After a rump-numbing, two-hour wait at the Washington/Canadian border, you’ll have plenty of time to avoid all of the traditional touristy things in Vancouver because they will all close in one hour and the line to see them will be at least two hours long. This situation eliminates the pressure of having to see the aquarium, the Capilano Suspension Bridge, the Fly Over Canada ride, Gaston, Yaletown, and Granville Island—all in one day. Before blaming the family for not leaving the house earlier—even when you got up at 5 a.m. to do the week’s grocery shopping so you wouldn’t hold anyone up—AND—even though you wrote on your calendar “get a Nexus Pass,” but you went to the zoo instead, don’t fret. Put on your walking shoes and enjoy the scenery. Remind yourself that you already saw your life flash before your eyes on the Capilano Suspension Bridge last year in June and realized that life’s too short to spend any of it suspended from a bridge. You also saw Granville Island, Gastown, and the aquarium just last October—peacefully—without any lines, so now it’s time to see the things you haven’t seen yet, such as the following:
–Random water features that flow from the random architecture
–The “cabin” exhibit at the art museum
–Dancers practicing their hip-hop routines on the ice rink
–Tourists trying on and buying extremely expensive coats that will definitely not keep them warm in the winter
–Galleries that sell Salvador Dalí and Renoir paintings that look pretty darn authentic—and pricey (But do go ahead and touch the human-like legs jetting out from the Dalí piano sculpture—you know you want to and it’s totally okay. I did it and no one slapped me.)
–The inside of the Cactus Club Café (restaurant)
–Live music performed with an acoustic guitar and an iPhone
Planning Your Escape
1) If you leave the suburbs of Seattle on a Saturday in the summer at around 10 a.m., you’ll hit the border at around 11 a.m. or 11:30 a.m. Inevitably, you will pick the slowest line and you’ll fight over the small bag of pretzels one of you thought to bring as a snack before lunch. Forget about lunch. It’s not happening. You’ll sit until at least 1:30 p.m.
2) Travel about 45 more minutes in very slow traffic until you get to your hotel. Throw your bags in your room, wipe the grime from your face, and find the nearest Tim Horton’s. The nearest Tim Horton’s, in Canada, is literally right behind you and it’s a shining oasis at the end of a dry, stale pretzel littered road from the border.
3) Go to the waterfront and consider riding the Fly Over Canada ride anyway. Then, look at the prices. For a family of three, you could spend about $100 for 8 ½ minutes of “flying over” attractions you already saw in June and October of 2017.
4) Decide to hail a taxi and go to the aquarium anyway because you just might make it, but when you get there at 3:30 p.m., the line is 30-60 minutes long, the aquarium closes at 5 p.m., and admission for a family of three costs $150. (I’m assuming Nate has already done the math and it doesn’t matter if the $150 is Canadian or “American”—it’s still too much, since we’ve already seen the seals swim and splash in a clock-wise fashion and then they switch into a counter-clockwise route for a grand finale at the end. Why spend the money when we can watch salmon swim upstream for free at an industrial park in the fall?)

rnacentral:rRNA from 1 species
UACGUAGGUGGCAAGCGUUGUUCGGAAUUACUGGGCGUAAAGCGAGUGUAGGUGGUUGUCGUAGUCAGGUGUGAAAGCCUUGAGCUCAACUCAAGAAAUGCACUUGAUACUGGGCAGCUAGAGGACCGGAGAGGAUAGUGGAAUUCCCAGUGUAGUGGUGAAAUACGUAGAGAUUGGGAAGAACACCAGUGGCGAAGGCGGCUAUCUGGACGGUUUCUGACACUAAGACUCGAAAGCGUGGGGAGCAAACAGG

5) Walk through Stanley Park and admire all of the wedding parties stopping to be photographed. Step out onto the streets downtown to admire some architecture, water features, hip-hop dancers, and enormous blueberries that look like they could perhaps really be figs and not blueberries.
6) Make it to the art museum before it closes in an hour and spend only around $50 for a family of three. That’s a real bargain because you get to see many different kinds of cabins and grab a headset in order to listen to an actual artist scream into a bowl. It’s unclear as to how screaming into a bowl leads to the creation of a cabin or vice versa, but I’m willing to experiment on my property because I think the backyard needs an exercise “building” and a tiny, cabin-like structure might do the trick. I have plenty of bowls—just need to get the proper permits before I start screaming into them, I guess.
7) Wander through the expensive CF Pacific Centre Mall and marvel at all the things you’d buy before you realize, “I go to the grocery store and swim meets. Where would any of these outfits be appropriate for those occasions?”
8) Experience a delicious meal at the Cactus Club Café on Burrard Street and order plenty of Happy Hour drinks.
9) Wander through glitzy hotels near the waterfront, while looking for public restrooms, thanks to the Happy Hour drinks.
10) Finish up at the Fairmont Hotel on the waterfront where you can order some desserts and sip on port wine while listening to live music. An acoustic guitar version of Frankie Valli’s “I Love You Baby,” with original accompaniment recorded and played on an iPhone, had me singing out loud—or maybe it was the Happy Hour earlier and the port I was sipping.
11) Leave happy—genuinely happy—and not feel disappointed or like you missed out on anything. You spent quality time with your family, in new scenery, and maybe saved a little money.
12) Decide you’ll definitely go back again with a Nexus Pass, a larger bag of pretzels, and a desire to buy any outfit at the CF Pacific Centre Mall that will allow you to attend the next swim meet in a most excessive and unnecessary manner.
Your Turn: Have you ever planned a vacation that has not gone “according to plan,” but it still turned out well? Discuss!